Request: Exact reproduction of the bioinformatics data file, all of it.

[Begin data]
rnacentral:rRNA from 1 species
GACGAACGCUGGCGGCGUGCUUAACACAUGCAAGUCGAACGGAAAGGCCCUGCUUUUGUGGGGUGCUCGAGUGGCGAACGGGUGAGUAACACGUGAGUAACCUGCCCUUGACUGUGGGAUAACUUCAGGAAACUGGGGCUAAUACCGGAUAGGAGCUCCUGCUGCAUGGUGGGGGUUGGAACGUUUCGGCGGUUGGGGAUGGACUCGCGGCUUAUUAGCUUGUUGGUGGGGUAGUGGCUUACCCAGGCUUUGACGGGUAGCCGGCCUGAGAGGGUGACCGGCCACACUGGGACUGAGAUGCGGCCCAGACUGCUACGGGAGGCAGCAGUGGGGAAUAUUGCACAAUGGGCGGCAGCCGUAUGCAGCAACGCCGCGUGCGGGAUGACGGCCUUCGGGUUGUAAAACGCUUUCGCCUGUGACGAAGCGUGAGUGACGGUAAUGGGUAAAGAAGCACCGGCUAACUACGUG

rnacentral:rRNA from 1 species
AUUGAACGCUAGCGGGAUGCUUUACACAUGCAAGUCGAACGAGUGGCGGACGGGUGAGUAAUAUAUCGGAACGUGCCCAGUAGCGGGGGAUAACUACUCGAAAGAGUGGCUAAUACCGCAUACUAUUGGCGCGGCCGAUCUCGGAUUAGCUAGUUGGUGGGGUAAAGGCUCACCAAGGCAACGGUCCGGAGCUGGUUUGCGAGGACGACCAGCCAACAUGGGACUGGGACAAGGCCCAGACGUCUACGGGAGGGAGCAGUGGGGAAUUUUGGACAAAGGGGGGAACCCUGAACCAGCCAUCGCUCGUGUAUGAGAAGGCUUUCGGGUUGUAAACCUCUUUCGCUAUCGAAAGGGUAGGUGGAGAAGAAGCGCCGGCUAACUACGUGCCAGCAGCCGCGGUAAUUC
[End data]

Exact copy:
rnacentral:rRNA from 1 species
GACGAACGCUGGCGGCGUGCUUAACACAUGCAAGUCGAACGGAAAGGCCCUGCUUUUGUGGGGUGCUCGAGUGGCGAACGGGUGAGUAACACGUGAGUAACCUGCCCUUGACUGUGGGAUAACUUCAGGAAACUGGGGCUAAUACCGGAUAGGAGCUCCUGCUGCAUGGUGGGGGUUGGAACGUUUCGGCGGUUGGGGAUGGACUCGCGGCUUAUUAGCUUGUUGGUGGGGUAGUGGCUUACCCAGGCUUUGACGGGUAGCCGGCCUGAGAGGGUGACCGGCCACACUGGGACUGAGAUGCGGCCCAGACUGCUACGGGAGGCAGCAGUGGGGAAUAUUGCACAAUGGGCGGCAGCCGUAUGCAGCAACGCCGCGUGCGGGAUGACGGCCUUCGGGUUGUAAAACGCUUUCGCCUGUGACGAAGCGUGAGUGACGGUAAUGGGUAAAGAAGCACCGGCUAACUACGUG

rnacentral:rRNA from 1 species
AUUGAACGCUAGCGGGAUGCUUUACACAUGCAAGUCGAACGAGUGGCGGACGGGUGAGUAAUAUAUCGGAACGUGCCCAGUAGCGGGGGAUAACUACUCGAAAGAGUGGCUAAUACCGCAUACUAUUGGCGCGGCCGAUCUCGGAUUAGCUAGUUGGUGGGGUAAAGGCUCACCAAGGCAACGGUCCGGAGCUGGUUUGCGAGGACGACCAGCCAACAUGGGACUGGGACAAGGCCCAGACGUCUACGGGAGGGAGCAGUGGGGAAUUUUGGACAAAGGGGGGAACCCUGAACCAGCCAUCGCUCGUGUAUGAGAAGGCUUUCGGGUUGUAAACCUCUUUCGCUAUCGAAAGGGUAGGUGGAGAAGAAGCGCCGGCUAACUACGUGCCAGCAGCCGCGGUAAUUC